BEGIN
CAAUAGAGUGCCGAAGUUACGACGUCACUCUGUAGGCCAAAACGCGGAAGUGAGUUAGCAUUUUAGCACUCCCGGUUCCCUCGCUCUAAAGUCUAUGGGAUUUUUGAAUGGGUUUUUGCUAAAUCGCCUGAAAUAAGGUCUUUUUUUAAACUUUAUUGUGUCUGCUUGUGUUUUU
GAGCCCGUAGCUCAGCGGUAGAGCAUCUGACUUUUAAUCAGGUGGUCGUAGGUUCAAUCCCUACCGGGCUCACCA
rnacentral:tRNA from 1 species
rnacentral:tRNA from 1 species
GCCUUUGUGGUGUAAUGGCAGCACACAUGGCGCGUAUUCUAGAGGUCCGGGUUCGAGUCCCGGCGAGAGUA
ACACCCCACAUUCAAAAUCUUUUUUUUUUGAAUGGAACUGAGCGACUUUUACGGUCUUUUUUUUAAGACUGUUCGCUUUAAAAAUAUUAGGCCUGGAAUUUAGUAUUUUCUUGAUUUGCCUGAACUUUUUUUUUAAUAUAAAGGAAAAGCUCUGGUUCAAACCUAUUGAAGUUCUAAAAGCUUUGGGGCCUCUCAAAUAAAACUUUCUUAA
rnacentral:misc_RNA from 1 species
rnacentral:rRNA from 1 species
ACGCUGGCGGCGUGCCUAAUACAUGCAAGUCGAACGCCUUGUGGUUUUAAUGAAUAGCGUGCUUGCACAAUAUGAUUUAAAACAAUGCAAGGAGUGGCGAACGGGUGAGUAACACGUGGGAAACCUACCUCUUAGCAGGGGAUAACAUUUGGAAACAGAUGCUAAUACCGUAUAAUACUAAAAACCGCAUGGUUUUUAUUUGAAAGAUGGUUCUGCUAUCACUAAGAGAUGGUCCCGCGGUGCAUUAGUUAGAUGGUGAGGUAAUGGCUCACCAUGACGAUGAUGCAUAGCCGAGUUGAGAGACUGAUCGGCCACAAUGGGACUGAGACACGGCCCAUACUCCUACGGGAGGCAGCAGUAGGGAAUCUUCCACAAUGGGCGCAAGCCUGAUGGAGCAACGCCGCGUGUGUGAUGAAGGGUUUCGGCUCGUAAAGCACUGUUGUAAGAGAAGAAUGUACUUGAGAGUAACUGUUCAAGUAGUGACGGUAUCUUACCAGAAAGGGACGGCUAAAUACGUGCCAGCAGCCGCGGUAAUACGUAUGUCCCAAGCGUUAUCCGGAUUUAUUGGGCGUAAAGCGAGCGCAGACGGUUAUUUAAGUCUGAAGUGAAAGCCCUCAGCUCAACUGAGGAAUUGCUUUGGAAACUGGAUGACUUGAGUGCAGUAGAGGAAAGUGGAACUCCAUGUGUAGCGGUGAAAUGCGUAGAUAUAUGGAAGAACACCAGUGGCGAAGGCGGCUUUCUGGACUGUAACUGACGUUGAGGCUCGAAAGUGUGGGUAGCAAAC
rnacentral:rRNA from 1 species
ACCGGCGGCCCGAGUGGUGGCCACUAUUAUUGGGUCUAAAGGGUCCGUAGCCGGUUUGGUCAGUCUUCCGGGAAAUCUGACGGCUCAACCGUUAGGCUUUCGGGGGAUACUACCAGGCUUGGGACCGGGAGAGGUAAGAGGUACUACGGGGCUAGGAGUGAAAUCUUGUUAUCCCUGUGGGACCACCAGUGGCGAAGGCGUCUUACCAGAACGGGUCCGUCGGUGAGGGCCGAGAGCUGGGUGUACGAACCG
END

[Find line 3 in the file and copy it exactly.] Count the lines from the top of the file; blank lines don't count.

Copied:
rnacentral:tRNA from 1 species